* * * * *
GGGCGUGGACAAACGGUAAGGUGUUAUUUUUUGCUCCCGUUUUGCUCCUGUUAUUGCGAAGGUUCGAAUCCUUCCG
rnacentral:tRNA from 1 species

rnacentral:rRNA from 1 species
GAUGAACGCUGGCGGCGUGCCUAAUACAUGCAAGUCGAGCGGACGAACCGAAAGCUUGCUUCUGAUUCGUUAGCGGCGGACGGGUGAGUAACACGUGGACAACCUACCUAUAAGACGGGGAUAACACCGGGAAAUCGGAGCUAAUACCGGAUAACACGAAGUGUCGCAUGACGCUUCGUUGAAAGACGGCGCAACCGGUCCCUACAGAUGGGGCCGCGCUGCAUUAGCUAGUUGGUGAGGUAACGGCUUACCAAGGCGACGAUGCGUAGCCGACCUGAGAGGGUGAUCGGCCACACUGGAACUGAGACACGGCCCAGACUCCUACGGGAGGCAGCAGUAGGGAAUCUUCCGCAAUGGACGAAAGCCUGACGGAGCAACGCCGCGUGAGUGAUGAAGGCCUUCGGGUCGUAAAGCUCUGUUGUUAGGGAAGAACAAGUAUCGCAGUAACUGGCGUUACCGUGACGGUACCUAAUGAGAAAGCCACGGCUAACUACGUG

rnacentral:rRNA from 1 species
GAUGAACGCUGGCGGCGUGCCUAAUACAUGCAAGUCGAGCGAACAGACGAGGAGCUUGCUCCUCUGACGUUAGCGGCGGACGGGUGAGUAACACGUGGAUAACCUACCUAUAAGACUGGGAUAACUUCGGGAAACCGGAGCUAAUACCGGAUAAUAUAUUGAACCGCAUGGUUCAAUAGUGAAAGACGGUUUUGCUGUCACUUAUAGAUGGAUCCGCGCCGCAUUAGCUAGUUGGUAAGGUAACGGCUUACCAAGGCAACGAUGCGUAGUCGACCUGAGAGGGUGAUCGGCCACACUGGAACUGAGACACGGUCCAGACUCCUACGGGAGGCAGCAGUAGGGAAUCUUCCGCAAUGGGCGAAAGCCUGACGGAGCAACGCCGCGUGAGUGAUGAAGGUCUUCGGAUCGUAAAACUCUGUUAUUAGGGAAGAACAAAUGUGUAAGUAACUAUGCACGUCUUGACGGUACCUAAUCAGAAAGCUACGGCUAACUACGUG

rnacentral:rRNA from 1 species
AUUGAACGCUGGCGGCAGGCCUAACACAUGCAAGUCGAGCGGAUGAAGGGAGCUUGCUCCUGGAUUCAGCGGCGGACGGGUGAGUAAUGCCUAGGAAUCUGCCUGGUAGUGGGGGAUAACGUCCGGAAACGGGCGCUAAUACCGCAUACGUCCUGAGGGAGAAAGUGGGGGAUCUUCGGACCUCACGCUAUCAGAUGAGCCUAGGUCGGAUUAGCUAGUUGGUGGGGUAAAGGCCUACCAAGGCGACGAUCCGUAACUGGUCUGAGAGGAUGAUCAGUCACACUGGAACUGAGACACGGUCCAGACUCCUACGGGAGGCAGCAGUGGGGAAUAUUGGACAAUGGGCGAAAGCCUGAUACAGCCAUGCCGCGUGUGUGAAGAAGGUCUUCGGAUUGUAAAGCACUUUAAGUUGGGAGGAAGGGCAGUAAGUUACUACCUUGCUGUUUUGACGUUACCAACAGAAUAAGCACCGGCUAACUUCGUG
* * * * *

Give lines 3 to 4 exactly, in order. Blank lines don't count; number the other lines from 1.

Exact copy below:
rnacentral:rRNA from 1 species
GAUGAACGCUGGCGGCGUGCCUAAUACAUGCAAGUCGAGCGGACGAACCGAAAGCUUGCUUCUGAUUCGUUAGCGGCGGACGGGUGAGUAACACGUGGACAACCUACCUAUAAGACGGGGAUAACACCGGGAAAUCGGAGCUAAUACCGGAUAACACGAAGUGUCGCAUGACGCUUCGUUGAAAGACGGCGCAACCGGUCCCUACAGAUGGGGCCGCGCUGCAUUAGCUAGUUGGUGAGGUAACGGCUUACCAAGGCGACGAUGCGUAGCCGACCUGAGAGGGUGAUCGGCCACACUGGAACUGAGACACGGCCCAGACUCCUACGGGAGGCAGCAGUAGGGAAUCUUCCGCAAUGGACGAAAGCCUGACGGAGCAACGCCGCGUGAGUGAUGAAGGCCUUCGGGUCGUAAAGCUCUGUUGUUAGGGAAGAACAAGUAUCGCAGUAACUGGCGUUACCGUGACGGUACCUAAUGAGAAAGCCACGGCUAACUACGUG